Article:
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Jesus. That he should have been not merely one of those who heard John, and were baptized by him, but that he should have been of the select few who became attached to him as his disciples, argues a deep religious feeling; and that he should have left John, and followed Jesus, apparently on the single word of John, that Jesus was the Lamb of God, seems to indicate in him some sense of personal need of such a Saviour as the title “Lamb of God” implies.
Though not as yet, permanently attached to the Lord as one of the twelve, he certainly accompanied Him in His earliest ministry, and was present at the miracle in Cana, and the first cleansing of the Temple, for the account of both these bears every mark of having been written by an eye-witness; and the same may be said of the Lord's interview with Nicodemus, for it is never so much as hinted that our Lord and the inquiring Pharisee were absolutely alone. He must have been one of the disciples who were with the Lord at Sychar. After this, he resumed his occupation of a fisherman, not from any want of belief or desire to draw back, but because he and the other disciples had no other means of getting their living, not having been yet called to live entirely with the Lord as Apostles.
When the Lord set him apart to the Apostleship, He gave to him, and to his brother James, the name of Boanerges, “sons of thunder.” This seems, at first sight, not to be in harmony with that view of him which we gather from the few hints in the Scriptures respecting his character, and which all tradition confirms, as being loving, retiring, contemplative rather than active, and somewhat feminine in gentleness. And yet there are unmistakable indications of another side of his character, as, for instance, his forbidding one to cast out devils in the Lord's Name, because he belonged not to the Apostolic company (Mark ix. 38); and, along with his brother, praying Jesus that they might call down fire from heaven upon the Samaritan village which would not receive the Lord (Luke ix. 54). “But even in these vehement utterances," as Luthardt says, “love to Jesus was the moving soul : his nature only decided the form." “How also," asks Godet, are we to explain two features of character apparently so opposite? There exist profound receptive natures, which are accustomed to shut up their impressions within themselves, and this all the more that these impressions are keen and thrilling. But, if it happens that these persons once cease to be masters of themselves, their long-restrained emotions then burst INTRODUCTION.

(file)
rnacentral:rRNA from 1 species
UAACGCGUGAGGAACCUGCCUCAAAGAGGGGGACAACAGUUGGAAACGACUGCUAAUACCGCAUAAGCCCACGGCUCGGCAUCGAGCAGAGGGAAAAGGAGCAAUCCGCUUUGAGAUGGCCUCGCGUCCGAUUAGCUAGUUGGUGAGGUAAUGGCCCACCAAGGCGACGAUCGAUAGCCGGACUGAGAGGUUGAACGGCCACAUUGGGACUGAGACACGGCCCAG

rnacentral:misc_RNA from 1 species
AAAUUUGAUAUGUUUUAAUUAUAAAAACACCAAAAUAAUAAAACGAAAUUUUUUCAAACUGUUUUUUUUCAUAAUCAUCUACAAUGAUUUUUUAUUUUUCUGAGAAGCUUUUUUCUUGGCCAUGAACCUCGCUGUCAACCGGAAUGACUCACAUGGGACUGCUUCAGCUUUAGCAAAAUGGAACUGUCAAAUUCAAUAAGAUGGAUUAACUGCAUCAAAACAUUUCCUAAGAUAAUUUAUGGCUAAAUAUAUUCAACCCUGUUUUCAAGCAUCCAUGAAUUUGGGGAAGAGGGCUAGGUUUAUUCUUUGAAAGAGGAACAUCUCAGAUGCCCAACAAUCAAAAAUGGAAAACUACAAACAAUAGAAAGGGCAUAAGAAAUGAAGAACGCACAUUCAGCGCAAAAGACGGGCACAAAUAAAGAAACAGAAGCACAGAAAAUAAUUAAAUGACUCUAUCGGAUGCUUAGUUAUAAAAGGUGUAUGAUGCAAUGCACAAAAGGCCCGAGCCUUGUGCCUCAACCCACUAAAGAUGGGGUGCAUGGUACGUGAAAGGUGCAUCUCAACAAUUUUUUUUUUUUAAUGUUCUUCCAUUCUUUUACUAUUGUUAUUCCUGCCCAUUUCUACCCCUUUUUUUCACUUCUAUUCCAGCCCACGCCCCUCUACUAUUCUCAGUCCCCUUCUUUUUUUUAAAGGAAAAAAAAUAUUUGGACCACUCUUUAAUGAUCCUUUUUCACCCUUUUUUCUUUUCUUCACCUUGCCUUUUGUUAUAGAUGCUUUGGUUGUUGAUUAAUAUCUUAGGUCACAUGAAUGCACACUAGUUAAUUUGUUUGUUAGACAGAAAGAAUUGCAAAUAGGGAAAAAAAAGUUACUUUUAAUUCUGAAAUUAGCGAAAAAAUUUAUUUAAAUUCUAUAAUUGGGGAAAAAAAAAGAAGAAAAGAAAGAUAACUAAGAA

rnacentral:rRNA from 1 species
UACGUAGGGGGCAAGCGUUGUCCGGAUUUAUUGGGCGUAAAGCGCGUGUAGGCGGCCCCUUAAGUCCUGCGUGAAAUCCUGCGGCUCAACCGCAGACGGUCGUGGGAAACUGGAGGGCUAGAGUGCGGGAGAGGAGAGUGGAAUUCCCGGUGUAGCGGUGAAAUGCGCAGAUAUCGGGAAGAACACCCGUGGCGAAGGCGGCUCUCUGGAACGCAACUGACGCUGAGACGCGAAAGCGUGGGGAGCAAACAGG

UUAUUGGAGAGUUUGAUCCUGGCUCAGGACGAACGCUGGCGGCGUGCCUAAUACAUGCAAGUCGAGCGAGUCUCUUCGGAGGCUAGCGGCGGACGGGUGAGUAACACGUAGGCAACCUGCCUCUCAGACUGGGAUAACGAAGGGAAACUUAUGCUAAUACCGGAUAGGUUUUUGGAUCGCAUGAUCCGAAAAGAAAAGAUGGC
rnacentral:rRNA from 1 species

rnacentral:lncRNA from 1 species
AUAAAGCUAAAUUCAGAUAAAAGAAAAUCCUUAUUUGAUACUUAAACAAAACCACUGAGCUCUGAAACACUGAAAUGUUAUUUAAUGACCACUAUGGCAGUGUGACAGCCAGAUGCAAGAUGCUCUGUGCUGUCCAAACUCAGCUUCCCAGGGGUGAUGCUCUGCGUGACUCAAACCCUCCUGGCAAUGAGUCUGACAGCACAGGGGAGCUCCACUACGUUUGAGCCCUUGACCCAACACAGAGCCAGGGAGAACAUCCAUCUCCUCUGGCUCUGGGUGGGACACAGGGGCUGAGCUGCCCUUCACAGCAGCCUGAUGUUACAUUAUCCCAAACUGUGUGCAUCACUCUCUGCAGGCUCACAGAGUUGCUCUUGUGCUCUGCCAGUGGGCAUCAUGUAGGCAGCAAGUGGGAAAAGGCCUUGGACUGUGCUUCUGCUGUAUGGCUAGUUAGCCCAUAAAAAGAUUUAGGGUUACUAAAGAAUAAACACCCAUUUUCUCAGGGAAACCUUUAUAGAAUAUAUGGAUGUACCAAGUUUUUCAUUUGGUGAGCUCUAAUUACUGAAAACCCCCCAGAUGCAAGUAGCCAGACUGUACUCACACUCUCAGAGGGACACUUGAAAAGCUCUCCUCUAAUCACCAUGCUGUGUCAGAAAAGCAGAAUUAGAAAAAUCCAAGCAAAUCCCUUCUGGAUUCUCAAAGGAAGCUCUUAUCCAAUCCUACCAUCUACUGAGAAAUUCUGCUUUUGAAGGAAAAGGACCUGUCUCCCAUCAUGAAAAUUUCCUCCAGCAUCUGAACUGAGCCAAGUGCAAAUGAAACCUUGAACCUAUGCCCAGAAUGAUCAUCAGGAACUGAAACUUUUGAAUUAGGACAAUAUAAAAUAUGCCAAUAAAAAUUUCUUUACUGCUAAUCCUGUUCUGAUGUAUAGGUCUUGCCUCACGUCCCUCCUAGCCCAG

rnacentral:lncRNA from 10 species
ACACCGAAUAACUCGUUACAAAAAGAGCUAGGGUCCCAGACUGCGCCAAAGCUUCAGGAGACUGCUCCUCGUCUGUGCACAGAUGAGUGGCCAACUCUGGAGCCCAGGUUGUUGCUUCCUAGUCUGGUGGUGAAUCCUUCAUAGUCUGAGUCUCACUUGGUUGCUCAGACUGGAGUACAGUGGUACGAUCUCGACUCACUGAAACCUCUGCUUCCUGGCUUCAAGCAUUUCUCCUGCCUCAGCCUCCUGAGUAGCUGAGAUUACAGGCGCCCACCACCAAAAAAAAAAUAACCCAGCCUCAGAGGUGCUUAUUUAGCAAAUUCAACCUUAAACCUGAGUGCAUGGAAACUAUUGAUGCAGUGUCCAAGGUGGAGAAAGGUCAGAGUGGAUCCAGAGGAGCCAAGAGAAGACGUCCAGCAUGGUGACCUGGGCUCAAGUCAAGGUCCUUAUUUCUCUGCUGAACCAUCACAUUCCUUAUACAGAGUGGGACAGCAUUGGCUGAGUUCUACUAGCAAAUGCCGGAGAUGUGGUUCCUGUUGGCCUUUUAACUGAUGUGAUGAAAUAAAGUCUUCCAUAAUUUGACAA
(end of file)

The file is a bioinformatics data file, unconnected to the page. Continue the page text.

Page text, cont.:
vii forth in sudden explosions, which fill the persons around them with amazement. Does not the character of John belong to this order?"
There must have been that in this Apostle which raised him, in the estimation of the Searcher of hearts, above the majority of his brethren, in that Jesus selected him, together with his brother and Simon Peter, from among the rest of the Apostles, to witness such events as the raising of Jairus's daughter, the Transfiguration, and the Agony. He was the only Apostle who stood by the Cross, and then had the unspeakable honour of receiving from the Lord the charge of His mother, so that he should be to her in His place as her son. The Saviour must have seen in him extraordinary worthiness thus to trust him.
In the closing scenes in the Gospel, and in the Acts of the Apostles he appears as very intimately associated with St. Peter. It is Peter who makes the sign to him to get the name of the betrayer (John xiii. 23, 24). He obtains for Peter admittance into the palace of the high priest (xviii. 16). He runs with Peter to the sepulchre (xx. 3). Peter asks the Lord respecting his destiny (xxi. 21). He goes up with Peter at the hour of prayer to the Temple (Acts ii. 1); and seems to have joined with him in the healing of the lame man (Acts iii. 11, 12). He was side by side with Peter before the council (Acts iv. 13); and he was sent in company with him to lay hands upon the Samaritan converts (Acts viii. 14). But in no one of these cases is he reported to have said a single word. All the speaking falls to the lot of St. Peter. The last notice of his sojourn in Jerusalem is in Gal. ii. 9, where, fourteen years after St. Paul's first visit, he, together with Cephas and James, perceiving the grace of God in Paul and Barnabas, gave to them the right hand of fellowship.